…seeing as though it’s a bill being introduced in Congress which may or may not have any chance of passing, you might miss some of how this will play in Louisiana – and particularly with Abraham, Louisiana’s congressman from the 5th District, considering a run for governor next year.
In case you’re not aware of what we’re talking about, here was the press release Abraham’s office put out yesterday…
Congressman Ralph Abraham, M.D., R-Alto, introduced a bill Wednesday to provide rural communities with access to more than $2 billion in grant funding for infrastructure improvements.
The Revitalize Rural America Act creates a $2.1 billion grant program administered by the Secretary of Transportation to fund rural infrastructure projects such as improving and expanding federal-aid highways, tunnels and bridges; expanding broadband internet access; water and wastewater projects; navigation projects; and electrical grid projects in rural areas.
States, local governments and other public and private entities would be eligible to apply for the grants, and awards would go directly to the winning entity, rather than funneled through state governments for distribution.
“Our country has an infrastructure problem, and too often rural America gets left out of funding opportunities. My bill will provide rural Americans with direct access to billions of dollars that they can use to address critical needs in their communities, like fixing water systems, building bridges and expanding broadband internet,” Dr. Abraham said.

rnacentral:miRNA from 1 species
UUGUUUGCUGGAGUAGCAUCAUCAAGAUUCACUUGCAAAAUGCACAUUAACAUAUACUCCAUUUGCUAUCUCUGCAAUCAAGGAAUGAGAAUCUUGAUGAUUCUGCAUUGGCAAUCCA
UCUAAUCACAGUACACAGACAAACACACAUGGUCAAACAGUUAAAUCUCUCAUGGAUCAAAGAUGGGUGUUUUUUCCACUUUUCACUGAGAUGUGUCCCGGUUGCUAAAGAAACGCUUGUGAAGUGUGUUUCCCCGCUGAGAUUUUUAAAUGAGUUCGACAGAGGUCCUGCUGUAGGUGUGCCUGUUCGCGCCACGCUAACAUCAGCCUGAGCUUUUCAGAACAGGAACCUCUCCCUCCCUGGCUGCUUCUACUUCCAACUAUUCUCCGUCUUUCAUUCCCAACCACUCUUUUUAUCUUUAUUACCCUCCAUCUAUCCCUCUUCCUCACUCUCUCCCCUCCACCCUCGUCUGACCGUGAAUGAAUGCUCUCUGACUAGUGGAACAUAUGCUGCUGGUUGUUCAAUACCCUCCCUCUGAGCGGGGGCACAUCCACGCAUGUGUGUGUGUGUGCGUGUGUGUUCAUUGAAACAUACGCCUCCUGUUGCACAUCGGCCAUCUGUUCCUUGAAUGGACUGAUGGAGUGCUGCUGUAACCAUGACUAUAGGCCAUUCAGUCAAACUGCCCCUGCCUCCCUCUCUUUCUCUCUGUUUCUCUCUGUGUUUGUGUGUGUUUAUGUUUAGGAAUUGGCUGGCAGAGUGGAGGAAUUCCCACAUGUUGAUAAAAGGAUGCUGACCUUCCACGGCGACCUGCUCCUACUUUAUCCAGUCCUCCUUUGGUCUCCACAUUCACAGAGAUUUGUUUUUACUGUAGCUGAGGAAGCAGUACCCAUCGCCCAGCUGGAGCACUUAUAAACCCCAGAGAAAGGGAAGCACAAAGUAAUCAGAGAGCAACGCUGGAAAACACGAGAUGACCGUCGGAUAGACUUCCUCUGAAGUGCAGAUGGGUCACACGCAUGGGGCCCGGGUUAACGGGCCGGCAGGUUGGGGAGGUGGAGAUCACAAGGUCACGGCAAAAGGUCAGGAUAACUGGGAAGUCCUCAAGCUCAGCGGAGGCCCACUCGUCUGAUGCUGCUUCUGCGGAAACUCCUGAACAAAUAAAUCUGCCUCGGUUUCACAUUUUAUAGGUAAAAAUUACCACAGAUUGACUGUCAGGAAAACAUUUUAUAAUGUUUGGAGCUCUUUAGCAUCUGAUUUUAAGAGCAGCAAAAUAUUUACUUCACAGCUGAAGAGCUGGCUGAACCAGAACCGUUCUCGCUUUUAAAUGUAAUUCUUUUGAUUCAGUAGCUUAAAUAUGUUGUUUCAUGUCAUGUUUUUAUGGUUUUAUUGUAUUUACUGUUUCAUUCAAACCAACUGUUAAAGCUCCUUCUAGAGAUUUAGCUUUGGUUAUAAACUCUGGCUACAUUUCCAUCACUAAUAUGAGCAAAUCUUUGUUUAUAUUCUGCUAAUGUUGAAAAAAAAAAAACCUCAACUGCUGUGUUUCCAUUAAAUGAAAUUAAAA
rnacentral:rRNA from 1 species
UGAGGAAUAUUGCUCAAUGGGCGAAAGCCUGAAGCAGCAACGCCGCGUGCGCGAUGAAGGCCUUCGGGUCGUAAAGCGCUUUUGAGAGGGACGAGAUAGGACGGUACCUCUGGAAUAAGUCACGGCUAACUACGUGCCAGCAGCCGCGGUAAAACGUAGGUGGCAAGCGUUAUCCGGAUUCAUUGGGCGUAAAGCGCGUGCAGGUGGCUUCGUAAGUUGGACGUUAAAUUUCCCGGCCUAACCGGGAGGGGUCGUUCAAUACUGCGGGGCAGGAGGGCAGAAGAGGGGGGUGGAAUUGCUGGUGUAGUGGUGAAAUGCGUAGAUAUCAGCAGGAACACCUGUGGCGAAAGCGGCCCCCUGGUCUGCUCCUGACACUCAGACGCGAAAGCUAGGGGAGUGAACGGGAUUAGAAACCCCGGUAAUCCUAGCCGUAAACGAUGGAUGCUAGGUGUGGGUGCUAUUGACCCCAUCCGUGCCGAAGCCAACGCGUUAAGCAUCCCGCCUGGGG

The grant program will be funded by redirecting money earmarked for beautification and recreational programs in the FAST Act, the five-year transportation funding bill passed in 2015, and reducing funding for the Capital Investment Grant, a program that builds streetcars and trams mostly in large urban areas in California, New York and Florida.
“No American should see brown water coming out of their faucets while the federal government is building gardens and bike trails in cities. My bill redirects federal funds currently going to urban wish-list projects and sends them back to local communities where rural Americans can make the investments their towns need to grow and succeed,” Dr. Abraham said.
We’re not suggesting this bill was introduced on a solely political basis, or anything like that. There is unquestionably a need regarding infrastructure in rural areas, and it’s being ignored particularly in states where big-city politics dominates at the capitol. Louisiana is to a large extent one of those, but it’s especially true in blue states like California, Illinois and New York. As such, Abraham is pushing a legitimate concern.
But analyzing it in terms of Louisiana politics is an interesting pursuit in advance of seeing whether this bill is going to go anywhere, because if you’ll notice, the key feature of this grant program is it explicitly bypasses the state capitols. And yes, that’s a way to get infrastructure projects past Jerry Brown in California or Andrew Cuomo in New York and into places like the Central Valley in California or Wyoming or Cayuga Counties in New York.
But it’s also a way to push rural broadband into North Louisiana or widen roads in the Florida Parishes. And so far we’ve seen that John Bel Edwards has been more than willing to hold up infrastructure projects in the state’s capital outlay program as punishment for legislators who won’t vote for his agenda.
Most prominent in Edwards’ retaliation has been a few decisions he’s made on flood control in Jefferson and St. Tammany Parishes, for example. Those are obviously not rural places. But the abuse of the capital outlay program to punish political enemies has touched the rural legislators as well, and given the state of Louisiana’s rural infrastructure you can imagine this is something state legislators particularly but not solely on the Republican side are very concerned about.